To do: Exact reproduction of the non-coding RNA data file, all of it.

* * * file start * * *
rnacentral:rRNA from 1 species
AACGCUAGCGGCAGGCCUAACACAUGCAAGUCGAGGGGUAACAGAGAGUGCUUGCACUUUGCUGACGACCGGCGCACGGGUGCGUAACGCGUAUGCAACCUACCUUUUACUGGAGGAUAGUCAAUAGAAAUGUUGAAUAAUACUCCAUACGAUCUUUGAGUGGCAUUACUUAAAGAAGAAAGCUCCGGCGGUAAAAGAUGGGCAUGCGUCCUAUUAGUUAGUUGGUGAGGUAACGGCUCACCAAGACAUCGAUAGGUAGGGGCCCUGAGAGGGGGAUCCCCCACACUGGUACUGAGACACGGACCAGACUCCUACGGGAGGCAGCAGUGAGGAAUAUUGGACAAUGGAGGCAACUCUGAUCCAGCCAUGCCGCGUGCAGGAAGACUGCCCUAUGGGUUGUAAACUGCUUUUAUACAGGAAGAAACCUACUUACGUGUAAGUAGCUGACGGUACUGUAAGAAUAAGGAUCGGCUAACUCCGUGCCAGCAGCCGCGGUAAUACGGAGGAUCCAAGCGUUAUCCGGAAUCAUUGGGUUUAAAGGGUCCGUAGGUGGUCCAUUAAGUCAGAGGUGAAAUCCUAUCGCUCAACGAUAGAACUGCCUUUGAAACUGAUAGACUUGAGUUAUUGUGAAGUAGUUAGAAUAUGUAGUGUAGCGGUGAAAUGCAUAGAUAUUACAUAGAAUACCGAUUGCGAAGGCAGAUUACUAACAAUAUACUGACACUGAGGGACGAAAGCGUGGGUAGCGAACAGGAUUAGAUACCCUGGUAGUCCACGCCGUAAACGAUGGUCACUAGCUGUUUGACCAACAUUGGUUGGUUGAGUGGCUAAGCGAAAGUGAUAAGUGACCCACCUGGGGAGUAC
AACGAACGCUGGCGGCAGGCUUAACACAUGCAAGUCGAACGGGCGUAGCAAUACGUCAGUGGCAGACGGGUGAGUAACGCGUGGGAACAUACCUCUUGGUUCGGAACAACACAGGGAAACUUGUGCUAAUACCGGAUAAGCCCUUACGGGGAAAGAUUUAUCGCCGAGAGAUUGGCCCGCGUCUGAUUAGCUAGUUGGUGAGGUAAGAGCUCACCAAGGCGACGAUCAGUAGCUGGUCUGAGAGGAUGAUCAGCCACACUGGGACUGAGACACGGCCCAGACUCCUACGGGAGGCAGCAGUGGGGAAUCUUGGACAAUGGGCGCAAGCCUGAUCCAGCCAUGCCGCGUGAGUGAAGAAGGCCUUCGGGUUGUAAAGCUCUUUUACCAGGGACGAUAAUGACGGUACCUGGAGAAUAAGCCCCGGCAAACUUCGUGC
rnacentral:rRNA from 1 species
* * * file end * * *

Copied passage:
rnacentral:rRNA from 1 species
AACGCUAGCGGCAGGCCUAACACAUGCAAGUCGAGGGGUAACAGAGAGUGCUUGCACUUUGCUGACGACCGGCGCACGGGUGCGUAACGCGUAUGCAACCUACCUUUUACUGGAGGAUAGUCAAUAGAAAUGUUGAAUAAUACUCCAUACGAUCUUUGAGUGGCAUUACUUAAAGAAGAAAGCUCCGGCGGUAAAAGAUGGGCAUGCGUCCUAUUAGUUAGUUGGUGAGGUAACGGCUCACCAAGACAUCGAUAGGUAGGGGCCCUGAGAGGGGGAUCCCCCACACUGGUACUGAGACACGGACCAGACUCCUACGGGAGGCAGCAGUGAGGAAUAUUGGACAAUGGAGGCAACUCUGAUCCAGCCAUGCCGCGUGCAGGAAGACUGCCCUAUGGGUUGUAAACUGCUUUUAUACAGGAAGAAACCUACUUACGUGUAAGUAGCUGACGGUACUGUAAGAAUAAGGAUCGGCUAACUCCGUGCCAGCAGCCGCGGUAAUACGGAGGAUCCAAGCGUUAUCCGGAAUCAUUGGGUUUAAAGGGUCCGUAGGUGGUCCAUUAAGUCAGAGGUGAAAUCCUAUCGCUCAACGAUAGAACUGCCUUUGAAACUGAUAGACUUGAGUUAUUGUGAAGUAGUUAGAAUAUGUAGUGUAGCGGUGAAAUGCAUAGAUAUUACAUAGAAUACCGAUUGCGAAGGCAGAUUACUAACAAUAUACUGACACUGAGGGACGAAAGCGUGGGUAGCGAACAGGAUUAGAUACCCUGGUAGUCCACGCCGUAAACGAUGGUCACUAGCUGUUUGACCAACAUUGGUUGGUUGAGUGGCUAAGCGAAAGUGAUAAGUGACCCACCUGGGGAGUAC
AACGAACGCUGGCGGCAGGCUUAACACAUGCAAGUCGAACGGGCGUAGCAAUACGUCAGUGGCAGACGGGUGAGUAACGCGUGGGAACAUACCUCUUGGUUCGGAACAACACAGGGAAACUUGUGCUAAUACCGGAUAAGCCCUUACGGGGAAAGAUUUAUCGCCGAGAGAUUGGCCCGCGUCUGAUUAGCUAGUUGGUGAGGUAAGAGCUCACCAAGGCGACGAUCAGUAGCUGGUCUGAGAGGAUGAUCAGCCACACUGGGACUGAGACACGGCCCAGACUCCUACGGGAGGCAGCAGUGGGGAAUCUUGGACAAUGGGCGCAAGCCUGAUCCAGCCAUGCCGCGUGAGUGAAGAAGGCCUUCGGGUUGUAAAGCUCUUUUACCAGGGACGAUAAUGACGGUACCUGGAGAAUAAGCCCCGGCAAACUUCGUGC
rnacentral:rRNA from 1 species